I’ve been searching for Brigadoon since falling in love with the film (and Gene Kelly) when I was a wee one. It’s an entertaining musical about a mysterious Scottish village that appears for one day every 100 years and then vanishes in the mist. Gene hooks up with Cyd Charisse and considers chucking his glamorous NYC life and pal Van Johnson to spend his life in kilts. To date, Cazenovia is the closest I’ve gotten to finding Brigadoon. I forged the two together years ago after dining in the local tartan-wrapped Brae Loch Inn. Located on the eastern fringe of New York’s Finger Lakes, this picturesque village has a charming mix of Gothic, Greek Revival and Adirondack-style residences and wonderful spots to sip and shop. And, best of all, it won’t disappear when you turn your back.
I was fortunate to spend some time there last week touring the Owera Vineyards, Madison County’s first winery, that will open its tasting room doors on June 13th. Owners Nancy and Peter Muserlian originally intended to preserve the 57-acre site as open space, but were struck by mental lightning and decided the property would make a beautiful vineyard. Years of planning, studying and designing have gone into the project. For example, the grapes had to be chosen carefully to flourish; Cazenovia’s climate is dissimilar to other neighboring wine producing areas because of its higher elevation and shallow lake.
Tours of Long Island vineyards, such as the Hamptons’ Wölffer Estate, provided design inspiration. A dramatic pergola overlooks the vineyards, and graceful entertaining space for 200+ is available for weddings and other special events. Catering is provided by several local sources including Cazenovia’s historic Lincklaen House, named after village founder, John Lincklaen, whose residence, Lorenzo, is open to the public and operated as a New York State Historic Site.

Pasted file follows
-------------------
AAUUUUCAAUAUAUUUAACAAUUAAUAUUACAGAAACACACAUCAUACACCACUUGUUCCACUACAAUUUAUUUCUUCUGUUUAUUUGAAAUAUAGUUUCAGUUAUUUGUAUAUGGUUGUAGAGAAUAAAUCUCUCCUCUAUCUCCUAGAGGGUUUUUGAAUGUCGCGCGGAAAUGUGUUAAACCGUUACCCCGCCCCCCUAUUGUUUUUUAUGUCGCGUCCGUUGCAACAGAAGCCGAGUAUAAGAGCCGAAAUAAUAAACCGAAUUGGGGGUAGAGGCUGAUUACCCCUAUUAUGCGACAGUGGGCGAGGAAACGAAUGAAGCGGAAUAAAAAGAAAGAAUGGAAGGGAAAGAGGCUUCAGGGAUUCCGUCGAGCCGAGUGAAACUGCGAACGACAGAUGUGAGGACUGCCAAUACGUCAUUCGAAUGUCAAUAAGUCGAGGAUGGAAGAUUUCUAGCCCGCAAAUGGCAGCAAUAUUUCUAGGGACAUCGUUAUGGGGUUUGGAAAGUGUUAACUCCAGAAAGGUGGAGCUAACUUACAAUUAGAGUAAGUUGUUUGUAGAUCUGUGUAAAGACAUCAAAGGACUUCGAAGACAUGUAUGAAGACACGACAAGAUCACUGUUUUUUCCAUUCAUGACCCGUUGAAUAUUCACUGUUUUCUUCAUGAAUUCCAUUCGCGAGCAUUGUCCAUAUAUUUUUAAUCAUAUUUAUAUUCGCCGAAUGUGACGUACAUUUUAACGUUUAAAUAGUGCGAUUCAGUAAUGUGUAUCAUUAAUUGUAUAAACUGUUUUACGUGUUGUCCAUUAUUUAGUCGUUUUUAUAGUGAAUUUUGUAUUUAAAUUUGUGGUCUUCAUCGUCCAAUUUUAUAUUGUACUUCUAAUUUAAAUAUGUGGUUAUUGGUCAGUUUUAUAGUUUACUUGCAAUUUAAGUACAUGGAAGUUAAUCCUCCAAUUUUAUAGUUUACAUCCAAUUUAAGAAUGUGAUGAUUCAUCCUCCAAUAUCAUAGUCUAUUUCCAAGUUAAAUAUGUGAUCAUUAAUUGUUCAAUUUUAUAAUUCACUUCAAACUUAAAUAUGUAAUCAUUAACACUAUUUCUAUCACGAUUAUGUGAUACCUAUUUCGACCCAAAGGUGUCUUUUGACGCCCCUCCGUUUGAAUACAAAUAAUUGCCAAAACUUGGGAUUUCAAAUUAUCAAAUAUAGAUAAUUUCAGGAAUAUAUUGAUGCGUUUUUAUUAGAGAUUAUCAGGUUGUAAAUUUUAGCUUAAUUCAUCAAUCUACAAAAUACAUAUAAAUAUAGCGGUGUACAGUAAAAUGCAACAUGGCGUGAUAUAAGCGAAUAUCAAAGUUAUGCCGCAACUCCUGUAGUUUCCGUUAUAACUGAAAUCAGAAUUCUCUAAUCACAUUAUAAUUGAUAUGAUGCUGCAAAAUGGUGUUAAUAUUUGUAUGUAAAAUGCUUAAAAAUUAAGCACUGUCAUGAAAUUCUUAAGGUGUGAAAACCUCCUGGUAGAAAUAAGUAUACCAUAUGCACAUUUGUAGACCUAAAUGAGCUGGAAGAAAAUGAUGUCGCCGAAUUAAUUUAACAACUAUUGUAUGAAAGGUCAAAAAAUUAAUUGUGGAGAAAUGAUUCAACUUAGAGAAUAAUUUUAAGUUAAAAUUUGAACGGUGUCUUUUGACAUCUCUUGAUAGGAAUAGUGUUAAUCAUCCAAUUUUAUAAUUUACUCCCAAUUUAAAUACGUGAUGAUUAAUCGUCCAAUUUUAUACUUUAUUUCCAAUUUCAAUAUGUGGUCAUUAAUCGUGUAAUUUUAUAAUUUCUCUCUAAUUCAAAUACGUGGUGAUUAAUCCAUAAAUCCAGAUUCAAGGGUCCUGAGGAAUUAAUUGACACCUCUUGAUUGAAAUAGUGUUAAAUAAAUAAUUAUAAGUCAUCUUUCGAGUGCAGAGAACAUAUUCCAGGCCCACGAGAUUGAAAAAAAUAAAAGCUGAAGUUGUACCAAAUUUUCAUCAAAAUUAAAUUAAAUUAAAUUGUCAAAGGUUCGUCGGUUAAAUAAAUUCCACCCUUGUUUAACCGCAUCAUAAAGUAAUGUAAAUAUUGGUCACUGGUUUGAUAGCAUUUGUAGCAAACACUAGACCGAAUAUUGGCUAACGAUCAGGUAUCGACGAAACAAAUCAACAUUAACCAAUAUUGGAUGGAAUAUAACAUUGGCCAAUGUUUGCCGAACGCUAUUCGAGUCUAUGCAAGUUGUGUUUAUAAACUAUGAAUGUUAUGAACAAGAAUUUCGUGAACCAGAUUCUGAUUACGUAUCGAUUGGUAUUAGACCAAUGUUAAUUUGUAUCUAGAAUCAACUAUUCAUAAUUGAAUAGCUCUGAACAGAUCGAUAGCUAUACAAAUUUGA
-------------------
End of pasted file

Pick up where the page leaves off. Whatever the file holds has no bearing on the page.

Anchored by a stunning reverse L-shaped bar, crafted by Cazenovia Cutblock, the tasting room has windows into the production area, providing a unique experience. “The local food movement is popular because people enjoy knowing where their meal comes from,” notes Ben Reilley, Director of Operations. “At Owera, they can see how the wine they’re tasting was made.” The room is comfortably elegant and staffed by friendly, knowledgeable personnel who can assist with pairing suggestions. Light fare such as brick oven pizzas are available to complement a tasting.
After leaving Owera (a bit lighter in the wallet since I simply HAD to buy a mixed case to bring home) I headed into town to feed my shameful addiction to French jacquard kitchen towels. On Cazenovia’s main drag (Albany Street, alternatively known as Scenic Byway Route 20), is Lavender Blue, a housewares shop filled with sunny table linens from Provence. I used to think that French country was all about blinding yellow, cobalt blue and red, but learned that these towels come in a succulent array of colors with charming designs woven into them. They become wonderfully soft with each washing and wear like iron. If you have a neutral kitchen, they’re a terrific decorating accent.
With towels and a couple of pillow shams in tow, I headed next door to Circa, a charming bistro featuring locally sourced meats and produce. I got to chatting with my next-table neighbors about Philly, Colgate and their beautiful grandson. Caz is the kind of town where you start the day a stranger and end the afternoon as a friend.
I pulled out onto Route 20 with a heavy heart. Though I wanted to I scribble the phone numbers off For Sale signs and begin to formulate a business plan for an apiary, I kept driving. I simply don’t have the legs to rock a kilt.
- NY’s newest winery facility sets June 13 opening date (timesunion.com)